Brain chip that 'learns' packs triple punch

Materials World magazine
,
1 Jan 2012
Fabricated analog chip used to mimic neuronal processes involved in memory and learning. Image courtesy of Guy Rachmuth

A computer chip that can ‘learn’ could improve our understanding of how the brain works, lead to a better human-machine interface and pave the way for artificial intelligence.

The chip has the ability to mimic the brain’s plasticity – the malleable quality that allows neurons to adapt in response to new information – which is necessary for learning.

Using approximately 400 transistors, the researchers built circuits on the silicon chip that mimic sub-cellular mechanisms, in particular the way neurons change their connection strength. ‘We built the chip to have the same current and voltage levels as a real biological neuron,’ says Guy Rachmuth, one of the inventors of the chip whose PhD thesis at MIT in Massachusetts, USA, formed part of the research.

‘We were able to mimic the change in synaptic strength by changing the voltage of the circuit – we slowed it down so it [the chip] operates in real biological time, but you can potentially operate it much faster than that.’

The reason this is desirable in a computer chip is that it leads to unsupervised learning – rather than simply receiving commands from the brain. The chip can communicate back and forth, creating feedback that enables the chip to learn, adapt and improve itself.

A chip that can learn would have drastic implications for a number of fields, but most directly, it could be used to help humans interact better with machines – particularly neural prosthetic devices. ‘Because we are able to scale the current voltages to a biological level, you can imagine circuits replacing pathological tissue, so [the chip] could be used for people with spinal cord injuries for example, people with retinal implants or in the future, for those with Alzheimer’s and Parkinson’s. Where tissue is no longer useful, you could replace it with a chip that communicates with the biological tissue.’

Although there are currently neuroprosthetic products that stimulate the brain using electrical current, ‘there is no feedback between the brain and the device,’ says Rachmuth. ‘Our chip would be like a second generation [device], where you have feedback from the biological circuit back through the electronic circuit.’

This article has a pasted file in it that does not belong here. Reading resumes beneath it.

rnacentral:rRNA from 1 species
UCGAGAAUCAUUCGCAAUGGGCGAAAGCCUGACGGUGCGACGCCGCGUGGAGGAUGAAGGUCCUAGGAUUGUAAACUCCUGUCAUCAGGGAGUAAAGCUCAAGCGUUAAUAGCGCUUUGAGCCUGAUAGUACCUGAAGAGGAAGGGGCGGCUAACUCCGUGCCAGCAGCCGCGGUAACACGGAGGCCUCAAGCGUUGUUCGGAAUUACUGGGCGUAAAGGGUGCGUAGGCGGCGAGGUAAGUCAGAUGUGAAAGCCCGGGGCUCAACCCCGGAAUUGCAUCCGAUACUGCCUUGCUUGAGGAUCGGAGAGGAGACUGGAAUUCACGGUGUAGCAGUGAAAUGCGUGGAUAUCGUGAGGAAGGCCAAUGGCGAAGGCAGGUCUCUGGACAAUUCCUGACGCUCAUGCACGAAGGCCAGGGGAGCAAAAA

The MIT team decided to work in analog when developing the transistors of the chip. They operated in the weak-inversion region, which meant they generated a low current to run low power circuits – just like a brain. ‘Using analog allowed us to avoid large currents and therefore a lot of power. We made a decision to use the analog side of the transistor equation because we wanted to work in the exponential relationship between the voltage and current, which is exactly how the brain’s ionic signals work,’ says Rachmuth.

Citing leading companies that use supercomputers to simulate small sections of the brain, he notes, ‘You can never hope to reach the complexity the brain actually has using digital computing’.

He adds that the benefit of using electronic circuits rather than digital computing is that they lead immediately into implementation, into devices and medical equipment.

In terms of fabrication, Rachmuth says that using standard CMOS manufacturing techniques means the chip would be easy to mass produce, but he concedes that it will be a while before it becomes commercially available.

In the meantime, he hopes the chip’s ability to simulate a large section of the brain will enable better understanding of the organ. ‘By mimicking the subcellular ionic channels that are part of the brain and being able to simulate some of the biochemical reactions that the neurons go through, you actually see emergent behaviour that you wouldn’t necessarily be able to with a much more simplified model of a neuron. This is where our breakthrough really is.’